There was a time in the mid to late 90s…
Each week we’ll feature one photographer from the PhotoShelter community, and share his or her story behind the shots that caught our eye.
- Photographer: Matthieu Paley
- Specialty: Documentary
- Current Location: Turkey
- Clients: National Geographic, Newsweek, Time, Outside
- PhotoShelter Website: www.paleyphoto.com
French photographer Matthieu Paley’s interest in the Pamir mountains of Afghanistan, home of a nomadic Kyrgyz and known as Bam-e Dunia, The Roof of the World, began back in 2000. According to Matthieu, creating his book Forgotten on the Roof of the World, which documents the people and lifestyle of Pamir “all happened very organically.” For him, there was never a master plan, just a curiosity and desire to find out more about the people and their culture.
Back in 2000 while working for an NGO in North Pakistan, Matthieu spotted a Kyrgyz caravan coming down a high mountain pass. At that time, Matthieu was unaware of the Kyrgyz culture and its people, but his curiosity sparked. From there, he began documenting the travelers on and off for several years.
One year, a caravan leader asked Matthieu to personally deliver a letter to his sister who lived in Turkey. The country had become home to a large community of Afghan Kyrgyz’s who had fled Afghanistan 25 years ago, following the Russian invasion.
Matthieu hand delivered the letter and it was the sister’s and other relatives written replies that motivated him and his wife, Mareile, to make the trek up to the Wakhan Corridor in Afghanistan to personally deliver the 13 letters. “We trekked for over 300 KM. It was incredible. We were just the 2 of us – no guide, no porters.” Matthieu and Mareile walked every day for 5 weeks, delivering the letters and putting family members in touch who hadn’t spoken in over 25 years.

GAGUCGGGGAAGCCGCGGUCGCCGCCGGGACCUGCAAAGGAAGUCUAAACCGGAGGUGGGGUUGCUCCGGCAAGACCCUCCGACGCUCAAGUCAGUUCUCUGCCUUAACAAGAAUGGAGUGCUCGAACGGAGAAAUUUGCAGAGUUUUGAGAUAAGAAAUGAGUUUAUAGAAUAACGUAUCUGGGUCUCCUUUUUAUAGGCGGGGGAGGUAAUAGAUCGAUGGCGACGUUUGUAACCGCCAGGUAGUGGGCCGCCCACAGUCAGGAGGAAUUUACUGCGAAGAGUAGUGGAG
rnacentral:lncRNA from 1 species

After that trip, they were hooked. They knew they wanted to return, but next time during the winter, which there, lasts a solid eight months and is relentlessly cold.
Matthieu describes the process of having the Afghan Kyrgyz community open up to him and the idea of being photographed as “difficult and slow.” “The nomadic Kyrgyz can seem rough, like the bleak and lunar environment in which they live,” he explains.
Up there, it’s no easy-living. Pamir has the world’s highest infant mortality rate, and half the children die before reaching the age of 5. This, combined with the difficulty to access proper medical care, has led the nomadic Kyrgyz’s to turn to the use of opium as medication.
Early on, Matthieu learned one of the native languages, Wakhi. This direct interaction enabled Matthieu to connect and become intimate with the environment, “intimacy – with respect – is the key to good photographs, to telling a true story,” he claims. Matthieu always bring prints back from previous years to people. “It’s a small community – only about 1,200 people. I know most of them by now.”
Over the years the camera gear Matthieu traveled with to document the culture evolved, “I started with a Nikon F100 I think, one lens and a few rolls, then I used Xpan panoramic camera. Since 2011 I went three times with my Canon 5D and a bunch of fixed lens.”
Shooting digital meant schlepping solar panels, computers that could sustain high altitude, and back-up gear because of the extreme weather conditions. “It takes over 10 days of being on the road to see your first Kyrgyz in the Afghan Pamir. In winter, the only way up is by walking on a frozen river. It’s a true wilderness – you are really on your own, not like Everest base camp!”
It wasn’t until 2008, after Matthieu’s first winter expedition that he was inspired to make a book out of his work. “The community hadn’t been visited in winter by a foreigner since 1972. After that trip, I started to have a more complete view on that community. A book was the logical continuation.” Matthieu has recently published his body of work titled Forgotten on the Roof of the World in French and German and is currently in search of an English publisher.
What caught our eye:
Matthieu’s philosophy on the key to taking good photographs, intimacy combined with respect, shines through in his photos. Because of his curiosity, and ultimately his patience with the people of Pamir, Matthieu was able to capture a remote and little-known community in a beautiful and thoughtful way.